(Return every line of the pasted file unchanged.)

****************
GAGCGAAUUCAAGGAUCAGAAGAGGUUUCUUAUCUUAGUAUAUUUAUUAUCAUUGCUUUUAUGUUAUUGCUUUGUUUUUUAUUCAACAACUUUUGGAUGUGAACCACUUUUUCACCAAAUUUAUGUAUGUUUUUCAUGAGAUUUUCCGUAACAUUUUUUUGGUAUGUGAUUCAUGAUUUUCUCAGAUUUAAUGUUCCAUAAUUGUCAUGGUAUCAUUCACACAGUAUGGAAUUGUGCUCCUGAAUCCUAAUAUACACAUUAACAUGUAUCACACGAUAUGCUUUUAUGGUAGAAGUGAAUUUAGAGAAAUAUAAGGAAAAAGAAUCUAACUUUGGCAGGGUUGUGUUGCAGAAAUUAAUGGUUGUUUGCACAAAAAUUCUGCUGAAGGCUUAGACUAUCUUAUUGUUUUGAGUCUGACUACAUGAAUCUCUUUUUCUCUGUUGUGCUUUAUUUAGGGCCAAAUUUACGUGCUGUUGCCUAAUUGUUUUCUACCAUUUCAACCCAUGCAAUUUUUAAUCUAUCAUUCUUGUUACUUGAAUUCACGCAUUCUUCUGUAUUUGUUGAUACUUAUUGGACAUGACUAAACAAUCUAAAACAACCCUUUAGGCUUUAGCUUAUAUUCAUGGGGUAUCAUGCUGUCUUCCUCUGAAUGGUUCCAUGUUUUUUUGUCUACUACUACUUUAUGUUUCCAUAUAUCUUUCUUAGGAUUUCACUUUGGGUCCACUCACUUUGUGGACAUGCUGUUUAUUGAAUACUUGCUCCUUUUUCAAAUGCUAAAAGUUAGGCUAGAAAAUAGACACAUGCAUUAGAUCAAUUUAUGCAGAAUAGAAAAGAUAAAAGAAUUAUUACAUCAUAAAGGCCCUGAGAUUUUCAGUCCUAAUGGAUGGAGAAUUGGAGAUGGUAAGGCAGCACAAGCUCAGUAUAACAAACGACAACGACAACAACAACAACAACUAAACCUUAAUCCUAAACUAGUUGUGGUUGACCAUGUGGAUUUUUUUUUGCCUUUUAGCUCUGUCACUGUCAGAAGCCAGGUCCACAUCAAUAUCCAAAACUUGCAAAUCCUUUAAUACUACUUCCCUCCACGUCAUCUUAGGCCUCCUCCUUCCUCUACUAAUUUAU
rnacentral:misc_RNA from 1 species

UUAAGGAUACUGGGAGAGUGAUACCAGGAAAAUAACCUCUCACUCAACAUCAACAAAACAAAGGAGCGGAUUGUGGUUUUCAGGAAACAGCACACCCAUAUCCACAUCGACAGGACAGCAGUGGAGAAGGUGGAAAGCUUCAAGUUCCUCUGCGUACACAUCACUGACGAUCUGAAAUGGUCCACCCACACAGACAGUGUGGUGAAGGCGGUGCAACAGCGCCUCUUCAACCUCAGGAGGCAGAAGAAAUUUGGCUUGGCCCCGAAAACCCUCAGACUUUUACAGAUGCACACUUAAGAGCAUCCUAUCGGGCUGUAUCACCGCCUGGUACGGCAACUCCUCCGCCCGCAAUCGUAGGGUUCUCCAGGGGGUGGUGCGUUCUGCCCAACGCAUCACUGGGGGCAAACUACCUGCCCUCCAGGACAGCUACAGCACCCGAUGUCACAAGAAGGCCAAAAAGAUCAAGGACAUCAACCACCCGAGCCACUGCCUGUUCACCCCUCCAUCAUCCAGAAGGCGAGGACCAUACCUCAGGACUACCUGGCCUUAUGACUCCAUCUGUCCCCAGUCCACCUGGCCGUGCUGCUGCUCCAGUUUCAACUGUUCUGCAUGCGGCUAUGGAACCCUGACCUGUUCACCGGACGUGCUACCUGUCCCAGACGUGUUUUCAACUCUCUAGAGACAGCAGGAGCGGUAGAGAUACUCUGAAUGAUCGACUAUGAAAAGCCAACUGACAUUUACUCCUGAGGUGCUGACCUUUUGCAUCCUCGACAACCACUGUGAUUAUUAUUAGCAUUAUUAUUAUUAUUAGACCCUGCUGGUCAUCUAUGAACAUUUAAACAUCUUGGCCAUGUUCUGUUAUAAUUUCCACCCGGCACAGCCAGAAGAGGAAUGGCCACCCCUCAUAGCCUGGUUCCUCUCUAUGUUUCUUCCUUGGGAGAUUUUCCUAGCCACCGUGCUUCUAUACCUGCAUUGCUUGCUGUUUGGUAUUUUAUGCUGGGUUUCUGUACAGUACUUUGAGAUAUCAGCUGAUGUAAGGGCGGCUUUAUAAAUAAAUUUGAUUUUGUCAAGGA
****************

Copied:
GAGCGAAUUCAAGGAUCAGAAGAGGUUUCUUAUCUUAGUAUAUUUAUUAUCAUUGCUUUUAUGUUAUUGCUUUGUUUUUUAUUCAACAACUUUUGGAUGUGAACCACUUUUUCACCAAAUUUAUGUAUGUUUUUCAUGAGAUUUUCCGUAACAUUUUUUUGGUAUGUGAUUCAUGAUUUUCUCAGAUUUAAUGUUCCAUAAUUGUCAUGGUAUCAUUCACACAGUAUGGAAUUGUGCUCCUGAAUCCUAAUAUACACAUUAACAUGUAUCACACGAUAUGCUUUUAUGGUAGAAGUGAAUUUAGAGAAAUAUAAGGAAAAAGAAUCUAACUUUGGCAGGGUUGUGUUGCAGAAAUUAAUGGUUGUUUGCACAAAAAUUCUGCUGAAGGCUUAGACUAUCUUAUUGUUUUGAGUCUGACUACAUGAAUCUCUUUUUCUCUGUUGUGCUUUAUUUAGGGCCAAAUUUACGUGCUGUUGCCUAAUUGUUUUCUACCAUUUCAACCCAUGCAAUUUUUAAUCUAUCAUUCUUGUUACUUGAAUUCACGCAUUCUUCUGUAUUUGUUGAUACUUAUUGGACAUGACUAAACAAUCUAAAACAACCCUUUAGGCUUUAGCUUAUAUUCAUGGGGUAUCAUGCUGUCUUCCUCUGAAUGGUUCCAUGUUUUUUUGUCUACUACUACUUUAUGUUUCCAUAUAUCUUUCUUAGGAUUUCACUUUGGGUCCACUCACUUUGUGGACAUGCUGUUUAUUGAAUACUUGCUCCUUUUUCAAAUGCUAAAAGUUAGGCUAGAAAAUAGACACAUGCAUUAGAUCAAUUUAUGCAGAAUAGAAAAGAUAAAAGAAUUAUUACAUCAUAAAGGCCCUGAGAUUUUCAGUCCUAAUGGAUGGAGAAUUGGAGAUGGUAAGGCAGCACAAGCUCAGUAUAACAAACGACAACGACAACAACAACAACAACUAAACCUUAAUCCUAAACUAGUUGUGGUUGACCAUGUGGAUUUUUUUUUGCCUUUUAGCUCUGUCACUGUCAGAAGCCAGGUCCACAUCAAUAUCCAAAACUUGCAAAUCCUUUAAUACUACUUCCCUCCACGUCAUCUUAGGCCUCCUCCUUCCUCUACUAAUUUAU
rnacentral:misc_RNA from 1 species

UUAAGGAUACUGGGAGAGUGAUACCAGGAAAAUAACCUCUCACUCAACAUCAACAAAACAAAGGAGCGGAUUGUGGUUUUCAGGAAACAGCACACCCAUAUCCACAUCGACAGGACAGCAGUGGAGAAGGUGGAAAGCUUCAAGUUCCUCUGCGUACACAUCACUGACGAUCUGAAAUGGUCCACCCACACAGACAGUGUGGUGAAGGCGGUGCAACAGCGCCUCUUCAACCUCAGGAGGCAGAAGAAAUUUGGCUUGGCCCCGAAAACCCUCAGACUUUUACAGAUGCACACUUAAGAGCAUCCUAUCGGGCUGUAUCACCGCCUGGUACGGCAACUCCUCCGCCCGCAAUCGUAGGGUUCUCCAGGGGGUGGUGCGUUCUGCCCAACGCAUCACUGGGGGCAAACUACCUGCCCUCCAGGACAGCUACAGCACCCGAUGUCACAAGAAGGCCAAAAAGAUCAAGGACAUCAACCACCCGAGCCACUGCCUGUUCACCCCUCCAUCAUCCAGAAGGCGAGGACCAUACCUCAGGACUACCUGGCCUUAUGACUCCAUCUGUCCCCAGUCCACCUGGCCGUGCUGCUGCUCCAGUUUCAACUGUUCUGCAUGCGGCUAUGGAACCCUGACCUGUUCACCGGACGUGCUACCUGUCCCAGACGUGUUUUCAACUCUCUAGAGACAGCAGGAGCGGUAGAGAUACUCUGAAUGAUCGACUAUGAAAAGCCAACUGACAUUUACUCCUGAGGUGCUGACCUUUUGCAUCCUCGACAACCACUGUGAUUAUUAUUAGCAUUAUUAUUAUUAUUAGACCCUGCUGGUCAUCUAUGAACAUUUAAACAUCUUGGCCAUGUUCUGUUAUAAUUUCCACCCGGCACAGCCAGAAGAGGAAUGGCCACCCCUCAUAGCCUGGUUCCUCUCUAUGUUUCUUCCUUGGGAGAUUUUCCUAGCCACCGUGCUUCUAUACCUGCAUUGCUUGCUGUUUGGUAUUUUAUGCUGGGUUUCUGUACAGUACUUUGAGAUAUCAGCUGAUGUAAGGGCGGCUUUAUAAAUAAAUUUGAUUUUGUCAAGGA